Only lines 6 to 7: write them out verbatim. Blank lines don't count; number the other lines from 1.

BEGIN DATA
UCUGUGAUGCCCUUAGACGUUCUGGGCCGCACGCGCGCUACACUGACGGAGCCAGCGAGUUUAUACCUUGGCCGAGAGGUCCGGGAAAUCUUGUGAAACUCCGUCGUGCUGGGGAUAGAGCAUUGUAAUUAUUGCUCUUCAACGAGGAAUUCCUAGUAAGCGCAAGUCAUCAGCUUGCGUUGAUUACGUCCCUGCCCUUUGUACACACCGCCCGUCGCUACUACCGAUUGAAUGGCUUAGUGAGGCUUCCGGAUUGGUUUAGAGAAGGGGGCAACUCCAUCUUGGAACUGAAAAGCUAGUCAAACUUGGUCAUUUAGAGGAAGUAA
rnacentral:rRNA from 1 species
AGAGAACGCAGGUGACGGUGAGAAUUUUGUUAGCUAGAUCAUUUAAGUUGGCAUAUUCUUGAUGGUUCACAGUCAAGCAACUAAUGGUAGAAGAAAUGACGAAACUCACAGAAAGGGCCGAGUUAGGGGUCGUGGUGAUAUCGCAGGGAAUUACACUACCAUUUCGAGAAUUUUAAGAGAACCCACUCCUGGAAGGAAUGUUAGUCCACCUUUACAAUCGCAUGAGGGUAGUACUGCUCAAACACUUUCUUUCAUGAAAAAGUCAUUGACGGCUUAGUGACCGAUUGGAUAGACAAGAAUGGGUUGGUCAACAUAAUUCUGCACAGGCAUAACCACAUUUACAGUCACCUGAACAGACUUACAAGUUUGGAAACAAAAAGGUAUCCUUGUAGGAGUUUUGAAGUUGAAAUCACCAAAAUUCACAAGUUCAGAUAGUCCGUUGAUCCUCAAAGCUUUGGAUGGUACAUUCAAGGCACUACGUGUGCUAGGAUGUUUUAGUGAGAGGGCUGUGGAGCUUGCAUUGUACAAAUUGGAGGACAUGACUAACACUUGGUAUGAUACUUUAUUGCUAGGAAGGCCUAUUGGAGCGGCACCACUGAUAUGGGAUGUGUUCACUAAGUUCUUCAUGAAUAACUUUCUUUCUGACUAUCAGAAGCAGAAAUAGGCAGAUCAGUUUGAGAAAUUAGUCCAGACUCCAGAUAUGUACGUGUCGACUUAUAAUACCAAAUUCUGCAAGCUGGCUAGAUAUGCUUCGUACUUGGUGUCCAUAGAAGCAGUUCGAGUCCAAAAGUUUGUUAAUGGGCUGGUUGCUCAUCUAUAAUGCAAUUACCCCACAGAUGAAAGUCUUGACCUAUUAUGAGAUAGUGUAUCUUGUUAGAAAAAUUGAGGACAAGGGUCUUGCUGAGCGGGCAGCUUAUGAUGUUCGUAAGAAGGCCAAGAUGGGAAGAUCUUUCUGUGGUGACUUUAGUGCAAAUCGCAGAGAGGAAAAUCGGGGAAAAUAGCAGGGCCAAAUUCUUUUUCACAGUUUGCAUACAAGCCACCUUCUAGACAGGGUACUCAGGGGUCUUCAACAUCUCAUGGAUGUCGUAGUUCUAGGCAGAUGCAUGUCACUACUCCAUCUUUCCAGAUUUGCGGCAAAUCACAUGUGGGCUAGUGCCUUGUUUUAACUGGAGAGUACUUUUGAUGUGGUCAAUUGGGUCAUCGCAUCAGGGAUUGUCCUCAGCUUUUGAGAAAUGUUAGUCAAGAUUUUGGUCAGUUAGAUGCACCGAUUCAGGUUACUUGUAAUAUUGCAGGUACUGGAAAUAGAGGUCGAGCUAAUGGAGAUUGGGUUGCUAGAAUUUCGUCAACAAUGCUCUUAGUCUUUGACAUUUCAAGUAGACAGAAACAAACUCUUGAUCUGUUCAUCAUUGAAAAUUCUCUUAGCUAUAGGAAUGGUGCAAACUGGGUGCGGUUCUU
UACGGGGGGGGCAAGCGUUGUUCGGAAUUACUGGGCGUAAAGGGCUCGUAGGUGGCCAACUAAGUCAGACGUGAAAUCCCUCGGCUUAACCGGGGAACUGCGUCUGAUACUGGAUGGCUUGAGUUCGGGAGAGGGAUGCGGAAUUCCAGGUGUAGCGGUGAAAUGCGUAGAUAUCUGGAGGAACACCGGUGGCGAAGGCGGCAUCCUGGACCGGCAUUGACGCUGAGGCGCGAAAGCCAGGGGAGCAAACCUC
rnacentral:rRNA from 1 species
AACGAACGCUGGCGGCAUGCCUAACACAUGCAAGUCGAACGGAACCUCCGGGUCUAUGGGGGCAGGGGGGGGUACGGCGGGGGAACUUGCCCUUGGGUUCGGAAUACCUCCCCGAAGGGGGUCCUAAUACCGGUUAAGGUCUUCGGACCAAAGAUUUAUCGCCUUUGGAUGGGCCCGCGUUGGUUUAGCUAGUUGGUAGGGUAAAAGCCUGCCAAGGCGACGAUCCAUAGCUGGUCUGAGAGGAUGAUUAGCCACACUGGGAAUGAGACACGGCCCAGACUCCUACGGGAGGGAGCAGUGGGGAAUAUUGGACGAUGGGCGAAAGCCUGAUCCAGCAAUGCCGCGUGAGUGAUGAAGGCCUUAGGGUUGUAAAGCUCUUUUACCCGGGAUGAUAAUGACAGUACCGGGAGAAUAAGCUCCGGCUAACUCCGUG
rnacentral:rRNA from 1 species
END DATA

AACGAACGCUGGCGGCAUGCCUAACACAUGCAAGUCGAACGGAACCUCCGGGUCUAUGGGGGCAGGGGGGGGUACGGCGGGGGAACUUGCCCUUGGGUUCGGAAUACCUCCCCGAAGGGGGUCCUAAUACCGGUUAAGGUCUUCGGACCAAAGAUUUAUCGCCUUUGGAUGGGCCCGCGUUGGUUUAGCUAGUUGGUAGGGUAAAAGCCUGCCAAGGCGACGAUCCAUAGCUGGUCUGAGAGGAUGAUUAGCCACACUGGGAAUGAGACACGGCCCAGACUCCUACGGGAGGGAGCAGUGGGGAAUAUUGGACGAUGGGCGAAAGCCUGAUCCAGCAAUGCCGCGUGAGUGAUGAAGGCCUUAGGGUUGUAAAGCUCUUUUACCCGGGAUGAUAAUGACAGUACCGGGAGAAUAAGCUCCGGCUAACUCCGUG
rnacentral:rRNA from 1 species